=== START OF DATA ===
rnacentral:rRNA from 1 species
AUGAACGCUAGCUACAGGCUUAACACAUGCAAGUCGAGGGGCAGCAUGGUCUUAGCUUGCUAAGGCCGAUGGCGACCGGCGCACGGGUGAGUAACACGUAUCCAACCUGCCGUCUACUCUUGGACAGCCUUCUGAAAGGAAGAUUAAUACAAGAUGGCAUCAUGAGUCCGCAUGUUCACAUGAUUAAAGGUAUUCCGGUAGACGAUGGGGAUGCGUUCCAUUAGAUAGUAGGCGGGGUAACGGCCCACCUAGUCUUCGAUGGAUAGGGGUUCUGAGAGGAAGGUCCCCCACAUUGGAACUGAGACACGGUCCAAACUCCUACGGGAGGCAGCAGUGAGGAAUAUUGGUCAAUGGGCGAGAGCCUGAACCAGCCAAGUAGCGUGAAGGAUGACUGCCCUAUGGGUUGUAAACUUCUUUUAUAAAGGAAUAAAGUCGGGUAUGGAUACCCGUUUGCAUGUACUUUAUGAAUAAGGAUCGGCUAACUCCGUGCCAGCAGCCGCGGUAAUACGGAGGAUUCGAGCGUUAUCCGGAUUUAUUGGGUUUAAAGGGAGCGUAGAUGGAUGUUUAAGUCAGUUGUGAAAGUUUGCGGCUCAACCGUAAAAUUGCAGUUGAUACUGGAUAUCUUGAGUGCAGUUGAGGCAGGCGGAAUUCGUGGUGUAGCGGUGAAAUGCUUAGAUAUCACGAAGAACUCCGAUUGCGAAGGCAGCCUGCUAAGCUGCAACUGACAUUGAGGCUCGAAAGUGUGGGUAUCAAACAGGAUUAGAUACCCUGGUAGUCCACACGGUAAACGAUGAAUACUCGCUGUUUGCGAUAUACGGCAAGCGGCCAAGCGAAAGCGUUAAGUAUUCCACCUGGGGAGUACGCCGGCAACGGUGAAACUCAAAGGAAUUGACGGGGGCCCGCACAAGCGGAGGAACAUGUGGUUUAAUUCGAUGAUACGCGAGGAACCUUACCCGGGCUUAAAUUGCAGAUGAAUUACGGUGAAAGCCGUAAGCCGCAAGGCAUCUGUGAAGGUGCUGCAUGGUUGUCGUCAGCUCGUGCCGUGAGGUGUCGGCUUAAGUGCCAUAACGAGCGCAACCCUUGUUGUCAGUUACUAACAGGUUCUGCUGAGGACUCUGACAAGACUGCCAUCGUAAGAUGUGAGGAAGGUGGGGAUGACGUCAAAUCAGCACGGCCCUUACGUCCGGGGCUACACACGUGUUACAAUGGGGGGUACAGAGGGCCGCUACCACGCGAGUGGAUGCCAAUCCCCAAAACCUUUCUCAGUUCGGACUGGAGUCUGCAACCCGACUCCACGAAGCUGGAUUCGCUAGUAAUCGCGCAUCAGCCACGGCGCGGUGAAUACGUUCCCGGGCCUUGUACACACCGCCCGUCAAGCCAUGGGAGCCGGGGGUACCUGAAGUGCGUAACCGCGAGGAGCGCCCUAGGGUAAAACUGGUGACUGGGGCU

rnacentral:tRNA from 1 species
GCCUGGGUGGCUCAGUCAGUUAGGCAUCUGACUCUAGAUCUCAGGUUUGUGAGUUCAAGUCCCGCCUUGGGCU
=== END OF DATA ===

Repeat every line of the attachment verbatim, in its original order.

rnacentral:rRNA from 1 species
AUGAACGCUAGCUACAGGCUUAACACAUGCAAGUCGAGGGGCAGCAUGGUCUUAGCUUGCUAAGGCCGAUGGCGACCGGCGCACGGGUGAGUAACACGUAUCCAACCUGCCGUCUACUCUUGGACAGCCUUCUGAAAGGAAGAUUAAUACAAGAUGGCAUCAUGAGUCCGCAUGUUCACAUGAUUAAAGGUAUUCCGGUAGACGAUGGGGAUGCGUUCCAUUAGAUAGUAGGCGGGGUAACGGCCCACCUAGUCUUCGAUGGAUAGGGGUUCUGAGAGGAAGGUCCCCCACAUUGGAACUGAGACACGGUCCAAACUCCUACGGGAGGCAGCAGUGAGGAAUAUUGGUCAAUGGGCGAGAGCCUGAACCAGCCAAGUAGCGUGAAGGAUGACUGCCCUAUGGGUUGUAAACUUCUUUUAUAAAGGAAUAAAGUCGGGUAUGGAUACCCGUUUGCAUGUACUUUAUGAAUAAGGAUCGGCUAACUCCGUGCCAGCAGCCGCGGUAAUACGGAGGAUUCGAGCGUUAUCCGGAUUUAUUGGGUUUAAAGGGAGCGUAGAUGGAUGUUUAAGUCAGUUGUGAAAGUUUGCGGCUCAACCGUAAAAUUGCAGUUGAUACUGGAUAUCUUGAGUGCAGUUGAGGCAGGCGGAAUUCGUGGUGUAGCGGUGAAAUGCUUAGAUAUCACGAAGAACUCCGAUUGCGAAGGCAGCCUGCUAAGCUGCAACUGACAUUGAGGCUCGAAAGUGUGGGUAUCAAACAGGAUUAGAUACCCUGGUAGUCCACACGGUAAACGAUGAAUACUCGCUGUUUGCGAUAUACGGCAAGCGGCCAAGCGAAAGCGUUAAGUAUUCCACCUGGGGAGUACGCCGGCAACGGUGAAACUCAAAGGAAUUGACGGGGGCCCGCACAAGCGGAGGAACAUGUGGUUUAAUUCGAUGAUACGCGAGGAACCUUACCCGGGCUUAAAUUGCAGAUGAAUUACGGUGAAAGCCGUAAGCCGCAAGGCAUCUGUGAAGGUGCUGCAUGGUUGUCGUCAGCUCGUGCCGUGAGGUGUCGGCUUAAGUGCCAUAACGAGCGCAACCCUUGUUGUCAGUUACUAACAGGUUCUGCUGAGGACUCUGACAAGACUGCCAUCGUAAGAUGUGAGGAAGGUGGGGAUGACGUCAAAUCAGCACGGCCCUUACGUCCGGGGCUACACACGUGUUACAAUGGGGGGUACAGAGGGCCGCUACCACGCGAGUGGAUGCCAAUCCCCAAAACCUUUCUCAGUUCGGACUGGAGUCUGCAACCCGACUCCACGAAGCUGGAUUCGCUAGUAAUCGCGCAUCAGCCACGGCGCGGUGAAUACGUUCCCGGGCCUUGUACACACCGCCCGUCAAGCCAUGGGAGCCGGGGGUACCUGAAGUGCGUAACCGCGAGGAGCGCCCUAGGGUAAAACUGGUGACUGGGGCU

rnacentral:tRNA from 1 species
GCCUGGGUGGCUCAGUCAGUUAGGCAUCUGACUCUAGAUCUCAGGUUUGUGAGUUCAAGUCCCGCCUUGGGCU